Still looking for the right rig for me: throttle only (PAS occasionally, maybe), freewheel, and two chainrings at the front. I'm a disabled vet, so any bike that requires constant pedaling on the flats must be medically unacceptable for me. I am willing and able to build, with the right components. Thanks.
 
The two chainrings might be a challenge, that doesn't seem to be a popular option in eBikes.

As I understand it nearly all of the mid-drives are PAS only because the motor turns the crankset to provide power. I have heard of a mid-drive clutch system, I think Specialized makes them, but I've honestly never seen one in person, so for a throttle only option you may be looking at a rear hub-drive system (hopefully if someone knows more than me they will chime in).

The down side to hub motors is that they generally have cadence sensors not torque sensors. Cadence sensors are basically on/off to a pre-selected speed whereas torque sensors detect how hard you are pushing and assist more "on a curve" like a traditional bike.

Cadence sensor systems has a small additional learning curve to get used to their behavior as the system can sometimes provide power when you don't really want it (like noodling around a parking lot at slow speed waiting for someone to catch up).
 
The two chainrings might be a challenge, that doesn't seem to be a popular option in eBikes.

As I understand it nearly all of the mid-drives are PAS only because the motor turns the crankset to provide power. I have heard of a mid-drive clutch system, I think Specialized makes them, but I've honestly never seen one in person, so for a throttle only option you may be looking at a rear hub-drive system (hopefully if someone knows more than me they will chime in).
CloneWerks,

I realize this link shows a homemade rig, but I may not be the only guy in the market for two chainrings, throttle, and freewheel mid-drive set-up. For me this is about ideal, other than the geek appearance of the system. Like the bike, too. Not sure where the batteries went. Details below.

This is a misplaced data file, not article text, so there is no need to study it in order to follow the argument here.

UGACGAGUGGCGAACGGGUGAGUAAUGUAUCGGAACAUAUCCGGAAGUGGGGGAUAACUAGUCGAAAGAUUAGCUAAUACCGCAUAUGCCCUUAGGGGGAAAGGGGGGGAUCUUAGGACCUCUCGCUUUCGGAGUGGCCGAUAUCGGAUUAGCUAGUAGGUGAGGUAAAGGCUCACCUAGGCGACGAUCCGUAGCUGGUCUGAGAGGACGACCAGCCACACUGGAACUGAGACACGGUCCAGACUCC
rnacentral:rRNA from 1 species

mid drive 750 watt DC brushed motor electric bike 1/4" 5T chain drive on homemade freewheel cranks
with 80T sprocket (5T:80T) spinning the 18T chain ring powering the 11-34T rear wheel cassette.
 
CloneWerks,

Apparently that first video does not use the front derailleur. Not what I had hoped. This pedal assembly is built to do that.

 
Well might as well look at these motors too, but i dont really know if it has 2 usable chainring sprockets......

 
It sounds like you have a very similar background and criteria that I did. I settled on an Ariel Rider X-52. So far, I am good with my decision.
 

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Catseye,

Thanks, that Ariel Rider X-52 has some good features. but I have pretty much decided against hub motors.
We have some local hills, and big summer heat. The air is thin here (4800 MSL), so what gets hot, stays hot longer.
The plan here is to have gearing that helps reduce the motor's efforts, not just the rider's effort.
 
I think hub motor has its flaws, but for a budget of $2k, you're really limited in choices with mid-drive motor or complete ebikes.
I commute in NYC metro area, where hub motor ebikes are far more popular among the delivery workers that ride in all weather, from triple digit heat to sub-freezing temp, 24/7, and depend on their ebikes to make a living.
If these hub motors are not reliable, likely they won't be so popular among those whos' livelyhood depend on the vehicle they choose to use.
Depending on your weight & cycling ability; if you're not riding in technical terrain and able to keep a fairly cadence by shifting into gear prior encountering hills, hub motor can provide plenty of assist to conquer hills, as long as you expect to be climbing hills at 20+ mph.

With a $2K budget, you can find a decent hub motor ebike that suits city commute, cruises 20 mph with PAS, if fat tires are a must, I think the Fiido T1 would suit you. I've had one since NOV 2021, little over 800 miles logged.
It's capable of faster speed than I need for NYC commute, 750w motor, large battery capacity, magnesium cast wheels so no lose spokes over time and under $1.8k complete bike shipped to your door.
vMeZjtO.jpg
 
I think hub motor has its flaws, but for a budget of $2k, you're really limited in choices with mid-drive motor or complete ebikes.
If these hub motors are not reliable, likely they won't be so popular among those whos' livelyhood depend on the vehicle they choose to use.
Depending on your weight & cycling ability; if you're not riding in technical terrain and able to keep a fairly cadence by shifting into gear prior encountering hills, hub motor can provide plenty of assist to conquer hills, as long as you expect to be climbing hills at 20+ mph.